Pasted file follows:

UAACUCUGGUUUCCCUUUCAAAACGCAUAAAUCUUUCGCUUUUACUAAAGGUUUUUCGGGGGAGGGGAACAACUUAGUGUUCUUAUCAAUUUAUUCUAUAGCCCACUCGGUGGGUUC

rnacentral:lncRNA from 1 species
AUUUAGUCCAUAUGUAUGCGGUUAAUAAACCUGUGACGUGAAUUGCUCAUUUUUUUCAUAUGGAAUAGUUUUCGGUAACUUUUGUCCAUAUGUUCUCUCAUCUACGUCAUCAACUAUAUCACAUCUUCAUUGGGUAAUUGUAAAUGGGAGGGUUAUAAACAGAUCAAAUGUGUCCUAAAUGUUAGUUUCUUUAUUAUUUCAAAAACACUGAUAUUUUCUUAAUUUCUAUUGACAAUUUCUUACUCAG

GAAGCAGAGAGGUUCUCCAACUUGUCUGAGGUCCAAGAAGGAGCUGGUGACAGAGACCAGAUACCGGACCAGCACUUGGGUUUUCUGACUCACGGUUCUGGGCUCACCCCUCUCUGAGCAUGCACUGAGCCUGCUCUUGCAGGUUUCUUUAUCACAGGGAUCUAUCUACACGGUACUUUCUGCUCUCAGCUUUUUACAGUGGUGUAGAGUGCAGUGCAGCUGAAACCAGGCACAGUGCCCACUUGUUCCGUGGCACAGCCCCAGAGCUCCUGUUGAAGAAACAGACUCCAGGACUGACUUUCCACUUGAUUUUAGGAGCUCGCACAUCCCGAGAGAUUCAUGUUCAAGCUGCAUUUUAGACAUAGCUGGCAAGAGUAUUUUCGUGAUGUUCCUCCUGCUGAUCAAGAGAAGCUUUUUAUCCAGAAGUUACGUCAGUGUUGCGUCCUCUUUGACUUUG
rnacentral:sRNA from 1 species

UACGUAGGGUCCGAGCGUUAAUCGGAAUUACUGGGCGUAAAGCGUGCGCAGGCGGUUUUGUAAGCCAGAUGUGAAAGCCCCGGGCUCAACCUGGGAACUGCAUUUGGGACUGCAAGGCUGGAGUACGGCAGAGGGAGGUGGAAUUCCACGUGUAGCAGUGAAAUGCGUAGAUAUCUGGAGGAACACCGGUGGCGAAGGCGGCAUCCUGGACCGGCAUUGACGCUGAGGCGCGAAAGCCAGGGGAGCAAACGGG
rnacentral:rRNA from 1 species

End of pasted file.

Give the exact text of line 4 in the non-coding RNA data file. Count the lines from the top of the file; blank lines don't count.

GAAGCAGAGAGGUUCUCCAACUUGUCUGAGGUCCAAGAAGGAGCUGGUGACAGAGACCAGAUACCGGACCAGCACUUGGGUUUUCUGACUCACGGUUCUGGGCUCACCCCUCUCUGAGCAUGCACUGAGCCUGCUCUUGCAGGUUUCUUUAUCACAGGGAUCUAUCUACACGGUACUUUCUGCUCUCAGCUUUUUACAGUGGUGUAGAGUGCAGUGCAGCUGAAACCAGGCACAGUGCCCACUUGUUCCGUGGCACAGCCCCAGAGCUCCUGUUGAAGAAACAGACUCCAGGACUGACUUUCCACUUGAUUUUAGGAGCUCGCACAUCCCGAGAGAUUCAUGUUCAAGCUGCAUUUUAGACAUAGCUGGCAAGAGUAUUUUCGUGAUGUUCCUCCUGCUGAUCAAGAGAAGCUUUUUAUCCAGAAGUUACGUCAGUGUUGCGUCCUCUUUGACUUUG